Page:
HANS C. BREITERNorthwesternUniversityFeinberg School of Medicine Chicago, ILMassachusetts General HospitalBoston, MA

    JONATHAN CONNINGHunter CollegeThe Graduate Center, CUNYNew York, NY

    RICHARD A. DAYNARDNortheastern UniversitySchool of Law Public Health AdvocacyInstituteBoston, MA

    JOHN J. DIIULIO, JR.University of Pennsylvania Philadelphia, PA

    WILLIAM J. DOHERTYUniversity of MinnesotaSt. Paul, MN

    ROBERT FRANKCornell UniversityJohnson Graduate Schoolof Management Ithaca, NY

    WILLIAM A. GALSTONBrookings Institution Washington, DC

    CLAIRE GAUDIANINew York UniversityThe Declaration Initiative New York, NY

    NEIL GILBERTUniversity of California,BerkeleyBerkeley, CA

    ROBERT GOODMANHampshire CollegeAmherst, MA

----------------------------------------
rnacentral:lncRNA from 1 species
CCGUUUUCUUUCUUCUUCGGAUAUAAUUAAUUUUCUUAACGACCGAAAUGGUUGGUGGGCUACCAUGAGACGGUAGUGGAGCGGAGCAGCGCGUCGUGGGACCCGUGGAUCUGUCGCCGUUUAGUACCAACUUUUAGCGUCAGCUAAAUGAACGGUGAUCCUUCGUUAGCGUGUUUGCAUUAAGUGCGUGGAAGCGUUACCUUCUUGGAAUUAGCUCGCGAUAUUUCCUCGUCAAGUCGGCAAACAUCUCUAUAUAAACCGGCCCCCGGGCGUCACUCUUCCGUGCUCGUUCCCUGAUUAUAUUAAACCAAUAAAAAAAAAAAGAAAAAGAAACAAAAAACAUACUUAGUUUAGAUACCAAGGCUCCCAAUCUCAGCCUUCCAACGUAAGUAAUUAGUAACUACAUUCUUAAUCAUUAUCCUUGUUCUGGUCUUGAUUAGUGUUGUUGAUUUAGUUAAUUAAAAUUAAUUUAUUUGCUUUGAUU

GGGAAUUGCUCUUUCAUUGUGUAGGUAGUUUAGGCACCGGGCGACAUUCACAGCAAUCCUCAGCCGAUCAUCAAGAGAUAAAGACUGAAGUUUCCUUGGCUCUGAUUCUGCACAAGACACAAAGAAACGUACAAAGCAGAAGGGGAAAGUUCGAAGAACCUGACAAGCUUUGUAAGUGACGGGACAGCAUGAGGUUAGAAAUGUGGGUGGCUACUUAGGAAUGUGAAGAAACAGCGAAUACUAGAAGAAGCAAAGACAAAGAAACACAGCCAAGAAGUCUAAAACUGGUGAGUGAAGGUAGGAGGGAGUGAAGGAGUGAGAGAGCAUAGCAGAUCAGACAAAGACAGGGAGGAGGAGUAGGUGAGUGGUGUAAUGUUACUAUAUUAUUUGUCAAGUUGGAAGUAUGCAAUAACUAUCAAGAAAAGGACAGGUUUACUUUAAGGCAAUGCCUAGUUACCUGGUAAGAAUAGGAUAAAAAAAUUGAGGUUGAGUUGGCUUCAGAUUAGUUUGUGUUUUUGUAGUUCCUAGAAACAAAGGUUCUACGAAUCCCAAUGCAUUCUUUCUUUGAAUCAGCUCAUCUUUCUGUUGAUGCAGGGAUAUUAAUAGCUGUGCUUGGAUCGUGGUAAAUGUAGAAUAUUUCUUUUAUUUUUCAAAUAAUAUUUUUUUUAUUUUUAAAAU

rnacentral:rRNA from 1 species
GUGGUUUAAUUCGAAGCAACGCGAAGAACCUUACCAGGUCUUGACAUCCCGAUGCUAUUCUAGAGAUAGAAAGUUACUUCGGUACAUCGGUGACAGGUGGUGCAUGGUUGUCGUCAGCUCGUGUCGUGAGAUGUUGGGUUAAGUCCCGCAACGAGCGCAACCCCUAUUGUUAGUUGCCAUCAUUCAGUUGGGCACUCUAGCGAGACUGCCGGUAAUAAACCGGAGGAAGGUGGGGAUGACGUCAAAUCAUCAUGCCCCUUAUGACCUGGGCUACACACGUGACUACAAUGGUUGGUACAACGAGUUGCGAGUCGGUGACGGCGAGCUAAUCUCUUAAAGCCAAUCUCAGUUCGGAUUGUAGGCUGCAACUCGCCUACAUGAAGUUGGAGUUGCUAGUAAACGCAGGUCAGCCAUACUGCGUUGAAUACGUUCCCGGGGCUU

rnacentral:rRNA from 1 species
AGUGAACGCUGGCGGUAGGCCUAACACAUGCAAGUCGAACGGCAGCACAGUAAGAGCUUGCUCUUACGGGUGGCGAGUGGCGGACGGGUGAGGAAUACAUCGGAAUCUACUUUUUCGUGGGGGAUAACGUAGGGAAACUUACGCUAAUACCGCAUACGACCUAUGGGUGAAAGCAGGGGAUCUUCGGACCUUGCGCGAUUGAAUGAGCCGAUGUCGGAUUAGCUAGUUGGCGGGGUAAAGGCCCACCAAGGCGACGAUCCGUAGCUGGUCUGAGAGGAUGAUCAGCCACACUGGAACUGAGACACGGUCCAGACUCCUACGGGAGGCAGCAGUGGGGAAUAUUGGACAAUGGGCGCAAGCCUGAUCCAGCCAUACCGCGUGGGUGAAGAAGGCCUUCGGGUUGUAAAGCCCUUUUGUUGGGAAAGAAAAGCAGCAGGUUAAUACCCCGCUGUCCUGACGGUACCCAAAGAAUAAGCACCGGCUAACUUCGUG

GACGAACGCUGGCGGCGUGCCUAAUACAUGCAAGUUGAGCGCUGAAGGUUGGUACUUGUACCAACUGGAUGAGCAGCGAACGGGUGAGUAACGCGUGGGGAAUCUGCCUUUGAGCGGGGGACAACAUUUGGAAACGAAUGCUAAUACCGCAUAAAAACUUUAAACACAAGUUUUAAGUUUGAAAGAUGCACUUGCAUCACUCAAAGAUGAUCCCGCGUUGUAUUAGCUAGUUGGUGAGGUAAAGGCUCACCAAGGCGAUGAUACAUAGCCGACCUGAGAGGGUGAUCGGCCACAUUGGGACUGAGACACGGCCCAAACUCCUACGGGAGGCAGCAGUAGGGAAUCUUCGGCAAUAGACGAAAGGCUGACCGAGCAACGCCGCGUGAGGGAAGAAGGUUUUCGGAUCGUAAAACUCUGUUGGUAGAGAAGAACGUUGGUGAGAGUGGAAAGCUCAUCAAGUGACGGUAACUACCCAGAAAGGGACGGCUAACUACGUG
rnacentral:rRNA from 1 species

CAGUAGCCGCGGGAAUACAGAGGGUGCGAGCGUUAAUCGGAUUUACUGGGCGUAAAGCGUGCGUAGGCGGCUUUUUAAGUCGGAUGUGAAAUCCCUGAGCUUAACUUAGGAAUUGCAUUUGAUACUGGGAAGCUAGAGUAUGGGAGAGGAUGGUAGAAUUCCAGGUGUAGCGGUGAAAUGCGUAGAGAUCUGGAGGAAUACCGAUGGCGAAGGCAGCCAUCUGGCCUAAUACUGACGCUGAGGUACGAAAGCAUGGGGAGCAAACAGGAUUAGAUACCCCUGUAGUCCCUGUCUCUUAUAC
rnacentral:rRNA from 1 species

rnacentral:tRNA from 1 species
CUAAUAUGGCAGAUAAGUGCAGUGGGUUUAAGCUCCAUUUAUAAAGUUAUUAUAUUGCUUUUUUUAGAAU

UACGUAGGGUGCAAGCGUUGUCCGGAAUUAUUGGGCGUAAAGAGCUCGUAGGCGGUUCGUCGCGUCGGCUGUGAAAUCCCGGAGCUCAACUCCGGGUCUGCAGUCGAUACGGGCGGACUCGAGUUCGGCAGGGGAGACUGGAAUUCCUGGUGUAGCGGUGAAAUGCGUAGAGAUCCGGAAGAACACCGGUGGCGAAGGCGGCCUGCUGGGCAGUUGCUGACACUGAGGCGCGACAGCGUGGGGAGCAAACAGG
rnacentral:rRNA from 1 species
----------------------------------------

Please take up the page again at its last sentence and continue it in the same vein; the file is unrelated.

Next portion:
EARL GRINOLSBaylor UniversityHankamer School of Business Waco, TX

    Members of the Council on Casinos

  • Page 5

    JONATHAN HAIDTNew York UniversityStern School of Business New York, NY

    WILLIAM A. JOHNSON, JR.Rochester Institute ofTechnologyFormer Mayor of Rochester Rochester, NY

    JOHN KINDTUniversity of IllinoisCollege of Business Champaign, IL

    KATHLEEN KOVNER KLINEUniversity of PennsylvaniaSchool of MedicineThe Consortium Mental HealthCenter Philadelphia, PA

    RICHARD C. LEONEThe Century FoundationNew York, NY

    GLENN C. LOURYBrown University Providence, RI

    STEVEN MALANGAManhattan Institute New York, NY

    LAWRENCE M. MEADNew York University New York, NY

    DAVID G. MYERSHope CollegeHolland, MI

    STEPHEN G. POSTStony Brook University Department of PreventativeMedicine Stony Brook, NY

    R.R. RENOFirst ThingsNew York, NY

    FRED SIEGELSaint Francis CollegeManhattan Institute Brooklyn, NY

    MARGARET O'BRIEN STEINFELSCommonweal Fordham Center on Religionand Culture New York, NY

    CHARLES WHEELANDartmouth CollegeRockefeller Center for PublicPolicyHanover, NH

    BARBARA DAFOE WHITEHEADInstitute for American Values New York, NY

    AJUME H. WINGOUniversity of Colorado Boulder, CO

    ALAN WOLFEBoston College Boston, MA

    PETER WOODNational Association ofScholarsNew York, NY

  • Page 6